Microbially induced carbonate precipitations to improve residual soil at various temperatures

Author : Henry Ting, Khairul Anuar K., Murtala Umar, Muttaqa Uba Zango, Abubakar Sadiq M., Kamarudin A.
Publication : Bulletin of the Geological Society of Malaysia
Page : 75-81
Volume Number : 67
Year : 2019
DOI : https://doi.org/10.7186/bgsm67201909

Bulletin of the Geological Society of Malaysia, Volume 67, June 2019, pp. 75 – 81

Microbially induced carbonate precipitations to improve residual soil at various temperatures

Henry Ting Pek Kong1, Khairul Anuar Kassim1, Murtala Umar2, Muttaqa Uba Zango1,3,*, Abubakar Sadiq Muhammed1,4, Kamarudin Ahmad1

1 Department of Geotechnical & Transportation Engineering, Universiti Teknologi Malaysia, Skudai 81310, Johor, Malaysia
2 Department of Civil Engineering, Faculty of Engineering, Bayero University Kano, PMB 3011 Kano, Nigeria
3 Department of Civil Engineering, Kano University of Science and Technology, Wudil, PMB 3244 Kano, Nigeria
4 Department of Civil and Water Resources Engineering, University of Maiduguri, P.M.B. 1069, Maiduguri, Nigeria
*Corresponding author email address: muttaqaubaz@yahoo.com

Abstract: Microbial induced carbonate precipitation (MICP) has emerged recently as a new approach of green and sustainable soil improvement technique. The main aim of this study was to determine the most suitable temperature for MICP to improve tropical residual soil. The physical and engineering properties of residual soil used in the study were determined through several laboratory experiments. A urease active strain of Sporosarcinapasteurii obtained from American Type Culture Collection (ATCC) was used to trigger the carbonate precipitation. Experimental parameters such as curing temperature, treatment duration and bacteria to cementation reagents ratios were evaluated. The results show that the optimum temperature for MICP treatment of residual soil is 55°C. It was also found that at this optimum temperature, specimens treated with bacteria and cementation reagents in proportion of 2:1 produces the highest strength improvement ratio of 1.27 relative to untreated sample and calcite content of 1.09% after 7-day curing. The shear strength of the treated soil also increases with the increase in treatment durations as the 7 days curing produces higher strength improvement for all the experimental conditions. The specimens cured under the atmospheric temperature recorded the lowest calcite content and hence the lower shear strength improvement ratio. Moreover, the experimental results obtained from this study also can be used as a guide in the future bio-geotechnology researches and lead to further scope in geotechnical applications.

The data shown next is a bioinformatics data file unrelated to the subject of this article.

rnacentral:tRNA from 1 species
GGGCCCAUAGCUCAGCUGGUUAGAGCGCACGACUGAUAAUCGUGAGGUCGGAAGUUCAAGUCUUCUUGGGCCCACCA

Keywords: Microbial induced carbonate precipitation, MICP, shear strength, temperature, residual soil

DOI : https://doi.org/10.7186/bgsm67201909